Telegraph: Who Invented, Types, Examples, Application

A telegraph is mainly a communication system that can send information by breaking and making an electrical connection.

It is actually associated with sending various electrical pulses along a wire with Morse code encoding. Samuel F.B. Morse, an inventor, and artist, invented the first electric telegraph in 1832 and also the Morse code.

The telegraph revolutionized long-distance communication. It operates by transmitting electrical signals over a wire that is laid between stations.

Telegraph reached the height of its popularity in the 1920s and 1930s due to its incredible usefulness.

By the year 1852, there were more than 2200 miles of telegraph wires in the UK.

The main components of a telegraph are a receiver and a transmitter. The transmitter is the transmission key or the telegraph. Wires connect the receiver and the transmitter while forming a series circuit.

A certain battery supplies the electrical current, and the knob located on the telegraph works as the switch. With the help of a telegraph, people could instantly communicate worldwide.

Different Types Of Telegraph

There are four types of telegraph machines primarily, as shown below:

Electrical telegraphs.

Optical telegraphs.

Wireless telegraphs.

Morse telegraphs.

The Following Are Some Examples of Telegraphs.


A heliograph is an example of a specific telegraph that could transmit messages by flashing sunlight with a mirror, with the help of Morse code. It was used mostly for different types of military purposes. The French used this system during the siege of Paris in 1870-1871. Another kind of heliograph was the heliotrope or heliostat fitted with a Colomb shutter.

Railway Telegraphy:

This kind of telegraphy first developed in Britain at first. This kind of telegraphy was used to manage railway traffic and avoid accidents. Thus, it was used as the main part of the railway signaling system.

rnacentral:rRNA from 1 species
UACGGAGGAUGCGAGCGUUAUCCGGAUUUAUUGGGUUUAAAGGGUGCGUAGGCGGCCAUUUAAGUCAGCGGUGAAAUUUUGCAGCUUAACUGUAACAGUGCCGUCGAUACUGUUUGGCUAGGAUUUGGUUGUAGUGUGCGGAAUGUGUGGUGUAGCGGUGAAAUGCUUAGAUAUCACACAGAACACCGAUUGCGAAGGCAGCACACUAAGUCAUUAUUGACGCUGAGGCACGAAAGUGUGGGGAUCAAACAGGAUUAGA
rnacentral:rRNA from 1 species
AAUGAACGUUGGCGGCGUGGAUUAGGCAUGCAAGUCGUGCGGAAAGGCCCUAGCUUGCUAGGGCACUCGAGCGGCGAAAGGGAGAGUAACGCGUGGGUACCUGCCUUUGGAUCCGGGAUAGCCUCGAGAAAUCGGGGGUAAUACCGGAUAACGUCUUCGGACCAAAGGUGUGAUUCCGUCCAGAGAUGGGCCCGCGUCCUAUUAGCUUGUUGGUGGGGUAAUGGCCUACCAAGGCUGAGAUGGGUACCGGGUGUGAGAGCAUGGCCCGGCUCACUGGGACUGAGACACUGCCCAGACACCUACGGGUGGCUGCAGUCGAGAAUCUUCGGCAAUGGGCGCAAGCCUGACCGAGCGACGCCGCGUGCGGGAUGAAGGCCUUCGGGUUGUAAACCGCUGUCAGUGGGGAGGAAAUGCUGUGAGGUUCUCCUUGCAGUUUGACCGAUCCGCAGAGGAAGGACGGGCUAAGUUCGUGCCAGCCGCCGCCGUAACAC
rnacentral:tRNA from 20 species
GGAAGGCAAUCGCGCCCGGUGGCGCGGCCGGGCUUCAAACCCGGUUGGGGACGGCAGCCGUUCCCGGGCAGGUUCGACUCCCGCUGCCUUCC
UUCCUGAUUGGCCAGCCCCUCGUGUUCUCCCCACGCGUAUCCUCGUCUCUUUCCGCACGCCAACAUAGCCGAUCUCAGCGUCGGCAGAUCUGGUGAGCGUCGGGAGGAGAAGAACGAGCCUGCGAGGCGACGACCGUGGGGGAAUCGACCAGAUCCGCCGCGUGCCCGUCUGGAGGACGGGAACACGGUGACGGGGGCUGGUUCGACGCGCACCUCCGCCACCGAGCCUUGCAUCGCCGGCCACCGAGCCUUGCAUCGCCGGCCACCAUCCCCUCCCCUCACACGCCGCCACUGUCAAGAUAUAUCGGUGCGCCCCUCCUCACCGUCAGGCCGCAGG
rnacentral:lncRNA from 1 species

Electric Telegraph:

This was another kind of telegraph that used electrostatic deflections. This electric telegraph became a means of more general communication very quickly.


A telegraph is an example of a certain type of telegraph machine that could send messages from a typewriter-like keyboard and incoming messages in readable text. The operators did not need to be trained in specific telegraph line codes.

Wireless Telegraph:

In this type of telegraph, electromagnetic waves were transmitted through the air.


This kind of telegraphy proved to be effective for rescue work in sea disasters. Here effective communication was possible from ships to shore and also between ships.

Optical Telegraph:

An example of a telegraph consists of a line of stations in natural high points or towers that signal to each other through paddles or shutters.

Applications of Telegraph

Telegraph is the forerunner of all communication systems we use today. Also, many of the principles that were developed for the telegraph are still useful in modern communication systems and computer networks. Here are some of the notable applications of the telegraph:

One of the most common yet vital uses for telegraphs in the United States was for the railroad lines. It was only possible for telegraphy to know when trains were leaving and when they should be expected to arrive.

The invention of the telegraph helped consolidate financial and commodity markets.

Telegraph helped a lot in political situations and banking transactions.

The telegraph helped people communicate very quickly by sending signals over the wire.

With the help of wireless telegraphy, radio waves transmitted text messages.

During the Civil War, the medical supply list ordered by the military and casualty lists were transmitted by telegraph.

So, these crucial facts regarding the telegraph may help you a lot.

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